The troll example may work in the late game (it is tough) and if it is near so the player may react on the event. However if it has been triggered in some distant area the ammount of generated trolls would became overhelming.
Well, I don't think its necessary for all dungeons to have linear growth, otherwise they go right back to appearing "canned." In some cases, a population of monsters might decline because they can't find enough food (the player may keep killing all of their raiders before they attain any success) or they could splinter on their own or even succumb to other, different kinds of monsters independant of player influence.
The whole point of the post to begin with was to propose making dungeons seem like a living part of the world, rather than just "goodie spots," so they should succeed and fail in the same way as a standard opponent might. Rather than simply have dungeons emmerge at random, I would like to see populations of monsters, dungeons, etc. be created at the beginning of the game (as though they were already there), and then allow them to grow and change as time goes on. If a dungeon emmerges in a player's territory, it's because there are forces (like other monsters) in the wilderness that are forcing or encouraging monsters to move into the player's frontier. So in other words, nothing simply "spawns" our of the blue. For instance...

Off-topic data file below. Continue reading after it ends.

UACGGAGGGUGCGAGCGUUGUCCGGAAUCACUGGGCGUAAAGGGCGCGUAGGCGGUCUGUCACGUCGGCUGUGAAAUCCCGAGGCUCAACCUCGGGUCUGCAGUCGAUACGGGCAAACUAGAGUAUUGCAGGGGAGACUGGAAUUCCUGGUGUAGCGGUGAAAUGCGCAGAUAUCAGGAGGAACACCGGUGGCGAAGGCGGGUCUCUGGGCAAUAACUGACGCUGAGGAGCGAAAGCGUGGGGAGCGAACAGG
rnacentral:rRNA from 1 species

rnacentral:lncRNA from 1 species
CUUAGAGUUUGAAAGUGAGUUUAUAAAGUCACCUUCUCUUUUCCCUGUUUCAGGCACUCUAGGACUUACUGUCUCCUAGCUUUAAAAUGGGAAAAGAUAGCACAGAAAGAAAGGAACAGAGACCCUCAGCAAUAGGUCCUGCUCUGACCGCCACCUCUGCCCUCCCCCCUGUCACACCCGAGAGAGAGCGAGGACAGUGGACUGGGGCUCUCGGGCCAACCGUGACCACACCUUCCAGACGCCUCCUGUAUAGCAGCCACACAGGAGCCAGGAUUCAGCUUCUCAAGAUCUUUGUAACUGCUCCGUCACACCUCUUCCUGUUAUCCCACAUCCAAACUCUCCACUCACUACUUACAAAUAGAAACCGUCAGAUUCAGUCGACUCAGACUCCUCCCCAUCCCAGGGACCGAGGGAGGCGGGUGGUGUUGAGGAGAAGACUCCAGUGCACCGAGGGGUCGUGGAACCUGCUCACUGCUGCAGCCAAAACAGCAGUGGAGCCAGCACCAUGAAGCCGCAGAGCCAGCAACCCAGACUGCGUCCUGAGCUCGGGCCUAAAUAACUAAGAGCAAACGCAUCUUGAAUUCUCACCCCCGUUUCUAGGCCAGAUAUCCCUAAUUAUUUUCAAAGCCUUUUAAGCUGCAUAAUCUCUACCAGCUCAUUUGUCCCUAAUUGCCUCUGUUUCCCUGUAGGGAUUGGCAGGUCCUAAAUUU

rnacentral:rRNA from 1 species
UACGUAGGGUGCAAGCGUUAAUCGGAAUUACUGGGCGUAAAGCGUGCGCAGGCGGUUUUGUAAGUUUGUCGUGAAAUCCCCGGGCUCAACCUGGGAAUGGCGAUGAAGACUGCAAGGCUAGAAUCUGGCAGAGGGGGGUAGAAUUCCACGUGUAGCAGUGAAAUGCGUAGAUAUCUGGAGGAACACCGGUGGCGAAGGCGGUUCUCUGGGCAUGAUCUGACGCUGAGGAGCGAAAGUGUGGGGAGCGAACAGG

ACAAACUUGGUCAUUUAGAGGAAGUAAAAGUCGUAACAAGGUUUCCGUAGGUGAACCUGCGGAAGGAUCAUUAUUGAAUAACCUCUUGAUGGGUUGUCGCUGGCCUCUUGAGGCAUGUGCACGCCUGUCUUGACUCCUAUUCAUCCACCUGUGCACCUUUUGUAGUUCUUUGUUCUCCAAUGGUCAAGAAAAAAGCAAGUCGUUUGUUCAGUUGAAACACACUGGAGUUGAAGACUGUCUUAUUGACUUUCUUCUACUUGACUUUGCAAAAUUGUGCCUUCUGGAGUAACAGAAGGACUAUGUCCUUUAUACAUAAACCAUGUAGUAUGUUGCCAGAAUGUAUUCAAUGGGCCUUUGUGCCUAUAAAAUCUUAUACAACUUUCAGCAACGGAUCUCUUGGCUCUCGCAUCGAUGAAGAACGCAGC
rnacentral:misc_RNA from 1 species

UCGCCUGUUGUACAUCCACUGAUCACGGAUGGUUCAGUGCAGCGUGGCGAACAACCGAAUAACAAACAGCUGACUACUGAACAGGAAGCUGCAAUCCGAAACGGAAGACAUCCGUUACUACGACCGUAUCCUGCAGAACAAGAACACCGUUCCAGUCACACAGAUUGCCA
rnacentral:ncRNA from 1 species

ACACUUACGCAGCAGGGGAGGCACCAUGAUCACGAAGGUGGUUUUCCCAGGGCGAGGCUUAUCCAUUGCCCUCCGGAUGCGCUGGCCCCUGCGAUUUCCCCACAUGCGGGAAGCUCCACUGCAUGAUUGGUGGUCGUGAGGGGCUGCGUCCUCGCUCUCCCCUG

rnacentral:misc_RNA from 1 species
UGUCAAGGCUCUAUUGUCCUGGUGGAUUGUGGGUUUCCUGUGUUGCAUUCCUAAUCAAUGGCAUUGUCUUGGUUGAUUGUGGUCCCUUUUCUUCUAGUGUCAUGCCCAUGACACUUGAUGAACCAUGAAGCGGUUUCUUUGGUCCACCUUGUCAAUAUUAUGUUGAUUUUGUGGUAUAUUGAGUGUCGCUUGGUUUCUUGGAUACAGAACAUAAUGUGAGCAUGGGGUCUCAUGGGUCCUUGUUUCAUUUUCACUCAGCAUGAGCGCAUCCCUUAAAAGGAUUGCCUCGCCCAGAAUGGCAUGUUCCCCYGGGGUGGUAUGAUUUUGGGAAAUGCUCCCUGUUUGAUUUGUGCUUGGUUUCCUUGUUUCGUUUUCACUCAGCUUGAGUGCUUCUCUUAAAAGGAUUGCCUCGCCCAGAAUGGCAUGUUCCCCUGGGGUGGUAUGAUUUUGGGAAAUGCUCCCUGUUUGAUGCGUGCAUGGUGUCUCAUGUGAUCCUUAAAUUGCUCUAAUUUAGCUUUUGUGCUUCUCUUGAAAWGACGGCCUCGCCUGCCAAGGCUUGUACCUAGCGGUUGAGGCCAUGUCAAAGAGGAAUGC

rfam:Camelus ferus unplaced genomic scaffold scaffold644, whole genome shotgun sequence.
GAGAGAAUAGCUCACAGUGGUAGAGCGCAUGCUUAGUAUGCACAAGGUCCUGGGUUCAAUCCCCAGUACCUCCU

Let's go back to our troll tribe. At the beginning, they start in the wilderness a good distance from any player settlements. They grow nicely until they are large enough to catch the attention of a local, hungry drake. Player X watches with a ranger from a healthy distance as the drake gobbles down dozens of trolls, and the rest flee in small groups in every direction. Some go deeper into the wilderness, but some end up at the edge of Player X's territory. Wherever they end up, each group creates a small mini-tribe. Now, multiple things could happen. Player X might decide to take no action at all and there is a small chance that the troll tribes will remain peaceful or simply die of starvation (whether they starve could be based on the favorability of the terrain). Idleness may also allow them to grow and gain confidence, however. If the trolls begins to raid Player X's territory, Player X may simply kill the raiders and cut off their food supply or he may go straight to the source and erradicate the tribe alltogether.
Now, I understand that having hundreds of monster tribe/troupe/group mini-opponents can cause any computer to huff and puff, but their behavior and growth algorithms can be very simple, and they don't need to behave intelligently like a human or AI opponent does. There would be some balance issues to work out (for instances, if there are numerous competing monster types in the wilderness, you need to make sure that one doesn't end up dominating the world and the others go extinct too quickly--- perhaps certain monster types would grow/defend more capably on certain terrains?) but this kind of element would add greatly to making the world appear alive.